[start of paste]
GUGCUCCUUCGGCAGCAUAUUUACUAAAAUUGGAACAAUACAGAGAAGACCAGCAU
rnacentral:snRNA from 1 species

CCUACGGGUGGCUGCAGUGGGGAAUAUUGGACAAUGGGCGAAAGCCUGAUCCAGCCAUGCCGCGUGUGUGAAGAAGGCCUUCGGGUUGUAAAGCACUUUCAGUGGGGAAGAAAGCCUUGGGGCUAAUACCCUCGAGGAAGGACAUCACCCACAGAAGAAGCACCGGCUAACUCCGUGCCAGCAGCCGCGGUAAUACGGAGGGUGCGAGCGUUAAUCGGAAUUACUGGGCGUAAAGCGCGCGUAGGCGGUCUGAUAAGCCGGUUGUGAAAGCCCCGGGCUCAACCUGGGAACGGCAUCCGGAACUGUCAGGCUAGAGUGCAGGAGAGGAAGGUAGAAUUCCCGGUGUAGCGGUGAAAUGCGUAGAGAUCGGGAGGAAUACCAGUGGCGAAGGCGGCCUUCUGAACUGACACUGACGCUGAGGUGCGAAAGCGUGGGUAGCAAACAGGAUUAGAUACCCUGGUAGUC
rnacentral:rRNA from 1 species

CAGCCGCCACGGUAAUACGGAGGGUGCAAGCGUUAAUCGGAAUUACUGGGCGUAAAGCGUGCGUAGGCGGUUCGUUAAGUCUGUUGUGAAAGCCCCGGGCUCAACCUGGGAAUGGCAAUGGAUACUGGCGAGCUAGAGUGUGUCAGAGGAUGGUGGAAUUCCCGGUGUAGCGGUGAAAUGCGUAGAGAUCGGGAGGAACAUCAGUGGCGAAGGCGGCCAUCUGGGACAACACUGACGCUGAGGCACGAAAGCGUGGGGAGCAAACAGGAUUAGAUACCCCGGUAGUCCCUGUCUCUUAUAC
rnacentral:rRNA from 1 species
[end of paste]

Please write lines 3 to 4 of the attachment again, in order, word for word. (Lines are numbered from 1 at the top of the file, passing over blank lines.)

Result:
CCUACGGGUGGCUGCAGUGGGGAAUAUUGGACAAUGGGCGAAAGCCUGAUCCAGCCAUGCCGCGUGUGUGAAGAAGGCCUUCGGGUUGUAAAGCACUUUCAGUGGGGAAGAAAGCCUUGGGGCUAAUACCCUCGAGGAAGGACAUCACCCACAGAAGAAGCACCGGCUAACUCCGUGCCAGCAGCCGCGGUAAUACGGAGGGUGCGAGCGUUAAUCGGAAUUACUGGGCGUAAAGCGCGCGUAGGCGGUCUGAUAAGCCGGUUGUGAAAGCCCCGGGCUCAACCUGGGAACGGCAUCCGGAACUGUCAGGCUAGAGUGCAGGAGAGGAAGGUAGAAUUCCCGGUGUAGCGGUGAAAUGCGUAGAGAUCGGGAGGAAUACCAGUGGCGAAGGCGGCCUUCUGAACUGACACUGACGCUGAGGUGCGAAAGCGUGGGUAGCAAACAGGAUUAGAUACCCUGGUAGUC
rnacentral:rRNA from 1 species